Who am I in this infinite universe of circling suns and stars...
I have travelled deep into the African wilderness, not in search of big game or the latest kill, but rather to venture into the silent landscape and to seek its voice, to listen to the song of the wind, to taste the dew upon the lips of the dawn, and to then sit under the rising full moon and ask who am I in this infinite wilderness of circling suns and stars.
But first I had to find a route back into wilderness from a world that has forgotten the way...
So I learned to walk in the footsteps of the custodians of the first stories, the San peoples who also followed these sandy tracks across the landscapes of time, and in the silence I listened for their whisper in the grasses, and sought their way of connecting to the infinity of now. And as an artist I looked through the eyes of the painters who left the extraordinary gallery of images upon the weathered rocks, of the mighty eland and the passage of game moving between this world and the next, and I understood that I must look at them with fresh eyes.
And in the first light I sought the tracks in the sand and followed them into the lives of the mongoose, the genet, and the elusive porcupine. I walked in the footsteps of the leopard, the baboon and of course, the mighty eland, and I began to know their stories as well. And slowly my spirit began to soar upon the call of a circling buzzard. With the coming of the night and the full African moon I made a fire, and watched the world turn slowly towards another dawn.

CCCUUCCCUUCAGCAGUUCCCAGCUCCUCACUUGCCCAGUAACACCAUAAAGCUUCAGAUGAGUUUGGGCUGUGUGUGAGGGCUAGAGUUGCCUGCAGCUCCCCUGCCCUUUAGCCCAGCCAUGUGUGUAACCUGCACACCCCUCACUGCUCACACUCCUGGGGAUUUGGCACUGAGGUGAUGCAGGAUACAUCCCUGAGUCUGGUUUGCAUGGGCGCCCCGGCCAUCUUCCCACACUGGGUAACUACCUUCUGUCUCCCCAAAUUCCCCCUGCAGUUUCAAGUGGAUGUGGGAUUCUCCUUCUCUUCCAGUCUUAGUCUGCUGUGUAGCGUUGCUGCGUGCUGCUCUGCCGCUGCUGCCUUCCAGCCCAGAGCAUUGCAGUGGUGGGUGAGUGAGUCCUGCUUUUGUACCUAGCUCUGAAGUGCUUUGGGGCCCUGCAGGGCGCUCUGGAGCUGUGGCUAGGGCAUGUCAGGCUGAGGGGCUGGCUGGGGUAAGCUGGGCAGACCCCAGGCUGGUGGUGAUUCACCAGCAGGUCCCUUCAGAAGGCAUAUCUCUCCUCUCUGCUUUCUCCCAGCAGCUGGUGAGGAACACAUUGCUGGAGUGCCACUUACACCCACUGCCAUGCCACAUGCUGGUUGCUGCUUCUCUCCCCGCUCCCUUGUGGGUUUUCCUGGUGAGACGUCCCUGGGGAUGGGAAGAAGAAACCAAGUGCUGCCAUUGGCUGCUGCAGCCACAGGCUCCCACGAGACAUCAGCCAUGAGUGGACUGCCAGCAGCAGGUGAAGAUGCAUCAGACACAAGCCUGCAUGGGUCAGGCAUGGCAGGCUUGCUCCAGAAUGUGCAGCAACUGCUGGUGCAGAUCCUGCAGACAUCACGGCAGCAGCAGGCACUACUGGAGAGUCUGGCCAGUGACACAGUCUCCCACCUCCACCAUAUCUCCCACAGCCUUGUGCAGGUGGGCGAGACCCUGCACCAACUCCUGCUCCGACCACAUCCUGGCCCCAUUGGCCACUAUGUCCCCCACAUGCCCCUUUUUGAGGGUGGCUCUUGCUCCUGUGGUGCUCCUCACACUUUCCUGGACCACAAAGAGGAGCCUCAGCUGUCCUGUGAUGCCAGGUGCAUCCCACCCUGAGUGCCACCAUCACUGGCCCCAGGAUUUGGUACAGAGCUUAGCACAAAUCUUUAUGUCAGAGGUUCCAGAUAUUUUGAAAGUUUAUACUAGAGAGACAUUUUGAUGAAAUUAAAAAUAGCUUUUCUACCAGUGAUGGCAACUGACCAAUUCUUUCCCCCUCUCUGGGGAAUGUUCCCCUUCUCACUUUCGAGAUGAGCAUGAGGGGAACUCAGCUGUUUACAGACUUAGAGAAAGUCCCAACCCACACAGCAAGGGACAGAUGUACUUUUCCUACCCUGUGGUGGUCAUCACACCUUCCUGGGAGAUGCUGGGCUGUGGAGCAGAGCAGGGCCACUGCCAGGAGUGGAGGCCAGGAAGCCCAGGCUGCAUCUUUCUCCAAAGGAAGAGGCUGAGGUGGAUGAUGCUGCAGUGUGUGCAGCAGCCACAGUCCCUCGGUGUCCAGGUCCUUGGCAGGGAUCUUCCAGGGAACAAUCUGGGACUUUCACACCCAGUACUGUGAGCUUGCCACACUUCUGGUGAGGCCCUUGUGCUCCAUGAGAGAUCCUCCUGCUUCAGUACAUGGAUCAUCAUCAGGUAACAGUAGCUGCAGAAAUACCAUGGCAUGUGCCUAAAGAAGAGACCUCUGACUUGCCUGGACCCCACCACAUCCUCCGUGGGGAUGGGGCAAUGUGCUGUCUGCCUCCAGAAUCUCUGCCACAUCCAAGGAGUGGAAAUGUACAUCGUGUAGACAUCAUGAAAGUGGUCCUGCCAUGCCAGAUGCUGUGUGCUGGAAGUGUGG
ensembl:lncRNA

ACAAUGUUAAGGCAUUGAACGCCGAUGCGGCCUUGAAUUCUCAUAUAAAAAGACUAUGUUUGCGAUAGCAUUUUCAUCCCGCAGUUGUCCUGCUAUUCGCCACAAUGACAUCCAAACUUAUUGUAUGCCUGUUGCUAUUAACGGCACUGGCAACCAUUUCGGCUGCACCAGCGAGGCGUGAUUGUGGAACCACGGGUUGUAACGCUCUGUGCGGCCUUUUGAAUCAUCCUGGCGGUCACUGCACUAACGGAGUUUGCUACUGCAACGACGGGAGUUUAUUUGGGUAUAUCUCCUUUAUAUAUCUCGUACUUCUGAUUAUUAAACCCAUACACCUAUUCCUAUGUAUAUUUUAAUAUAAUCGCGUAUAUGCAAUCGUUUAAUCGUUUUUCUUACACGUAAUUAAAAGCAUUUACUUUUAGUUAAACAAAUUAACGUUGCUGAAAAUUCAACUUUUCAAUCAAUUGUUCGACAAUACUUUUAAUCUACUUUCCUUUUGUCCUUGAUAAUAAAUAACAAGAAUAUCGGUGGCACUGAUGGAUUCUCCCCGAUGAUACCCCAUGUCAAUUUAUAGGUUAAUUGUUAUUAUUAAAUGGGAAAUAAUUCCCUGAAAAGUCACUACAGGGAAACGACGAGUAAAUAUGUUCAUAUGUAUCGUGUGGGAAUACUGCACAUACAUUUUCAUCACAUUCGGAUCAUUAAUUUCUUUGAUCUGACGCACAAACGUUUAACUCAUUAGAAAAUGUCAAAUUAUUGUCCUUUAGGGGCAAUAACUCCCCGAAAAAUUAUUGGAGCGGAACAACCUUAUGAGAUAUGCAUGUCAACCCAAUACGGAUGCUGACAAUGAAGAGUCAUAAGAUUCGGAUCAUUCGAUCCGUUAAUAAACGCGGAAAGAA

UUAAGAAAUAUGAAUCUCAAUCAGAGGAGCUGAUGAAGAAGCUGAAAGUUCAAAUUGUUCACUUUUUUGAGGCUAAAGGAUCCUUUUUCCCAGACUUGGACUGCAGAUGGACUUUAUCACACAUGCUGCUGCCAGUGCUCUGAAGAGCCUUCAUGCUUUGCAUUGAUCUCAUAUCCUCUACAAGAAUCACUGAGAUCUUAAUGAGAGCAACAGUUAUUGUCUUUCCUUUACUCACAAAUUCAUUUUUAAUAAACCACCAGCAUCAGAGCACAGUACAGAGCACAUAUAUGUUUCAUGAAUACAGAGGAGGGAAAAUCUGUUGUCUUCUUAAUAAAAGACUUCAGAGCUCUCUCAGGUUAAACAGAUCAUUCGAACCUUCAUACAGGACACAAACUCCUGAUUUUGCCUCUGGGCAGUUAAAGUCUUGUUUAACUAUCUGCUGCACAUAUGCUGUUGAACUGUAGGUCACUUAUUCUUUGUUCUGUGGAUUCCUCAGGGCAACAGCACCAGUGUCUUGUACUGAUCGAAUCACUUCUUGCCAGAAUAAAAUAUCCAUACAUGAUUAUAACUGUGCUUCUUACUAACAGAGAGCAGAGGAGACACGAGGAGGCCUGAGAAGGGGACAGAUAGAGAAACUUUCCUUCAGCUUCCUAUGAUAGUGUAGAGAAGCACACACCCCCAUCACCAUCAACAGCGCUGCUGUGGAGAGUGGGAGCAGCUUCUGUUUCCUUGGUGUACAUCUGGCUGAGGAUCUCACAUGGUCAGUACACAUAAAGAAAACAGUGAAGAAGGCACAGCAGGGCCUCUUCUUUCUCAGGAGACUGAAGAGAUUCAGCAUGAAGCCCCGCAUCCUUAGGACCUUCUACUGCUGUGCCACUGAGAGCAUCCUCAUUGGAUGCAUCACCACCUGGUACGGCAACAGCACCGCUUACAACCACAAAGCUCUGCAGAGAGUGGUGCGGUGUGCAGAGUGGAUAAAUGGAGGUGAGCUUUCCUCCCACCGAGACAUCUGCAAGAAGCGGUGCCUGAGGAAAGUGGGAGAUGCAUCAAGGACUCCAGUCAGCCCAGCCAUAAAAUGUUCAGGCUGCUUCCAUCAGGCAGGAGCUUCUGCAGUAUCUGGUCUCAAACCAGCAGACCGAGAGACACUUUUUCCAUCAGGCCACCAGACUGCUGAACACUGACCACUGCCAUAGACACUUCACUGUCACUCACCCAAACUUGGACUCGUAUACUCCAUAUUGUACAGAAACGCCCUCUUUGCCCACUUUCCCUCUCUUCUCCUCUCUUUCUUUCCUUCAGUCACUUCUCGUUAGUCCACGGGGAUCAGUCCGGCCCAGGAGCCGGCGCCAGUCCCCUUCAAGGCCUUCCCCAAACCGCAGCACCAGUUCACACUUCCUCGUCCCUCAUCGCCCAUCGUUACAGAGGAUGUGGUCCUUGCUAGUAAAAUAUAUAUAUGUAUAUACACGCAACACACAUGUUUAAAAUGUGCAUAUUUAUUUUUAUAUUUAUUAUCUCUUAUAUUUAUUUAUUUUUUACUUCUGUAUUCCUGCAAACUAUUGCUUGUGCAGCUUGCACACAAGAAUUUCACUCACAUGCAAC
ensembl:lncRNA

I set off again, for the tracks that cross the landscapes are many, from shelter to water, from famine to feast, from valley to the highest peak, and there are some that follow a route to the edge of the distant sea, and here I encountered the greatest of mysteries, the giants of the oceans that appear and disappear each year. Over time I learned their stories, and using my art and words took audiences below the surface of the seas and brought them face to face with the magnificent whales and dolphins.
Along the way something extraordinary happened, for it was in nature that I started to understand what it means to be human, but to do this I had to leave the world of man, to quieten the wish to win, to compete and the persistent rush towards tomorrow. It was in the footsteps of our ancestors that I was reminded to slow down to the speed of walking, to listen to the sound between heartbeats, and to then seek out the memories in the ancient cultures across the globe that hold the truths of lives lived through countless generations of self discovery, for this is a whisper that comes from deep within the shared soul, and I knew that in listening I could find a pathway back to my own truth.
There were of course universities and places of learning, courses and accreditations, there were exhibitions and books, talks and interviews, but the real work was done in silence and alone, often in a cave high up in the mountains of the Cedarberg, in a place where the eland still leave footprints upon these sacred lands of the ancestors, where, sheltering under a rock overhang is a painting of people travelling across the landscape of their belonging.
And then I crossed the equator and entered the gentleness of the England countryside, and here I learned to look into the eyes of the fox, to listen to the call of the raven, and sought out the life of the forest and the hedgerows, for I had to learn again what it is to find my place, to read a landscape, to hear its songs and the melody of the seasons upon the leaf in the wind. And what I found was that, although the language was different, the song was the same, for it was the ancient rhythm of the earth in conversation with the sun and the moon.
It is an artwork that, like so many others in this remote and majestic place, invite us to pause and reflect, and it is to this cave that I often return to contemplate. And when I look back at the many pathways that brought me here, I have come to see that my own journey of life should not be judged by how far I have walked or where I have been, but rather by the questions I have asked along the way, for these have been the signposts that have offered me direction, and they have also become the cornerstones of what I seek to offer to the world.
For they are the signposts to my own belonging.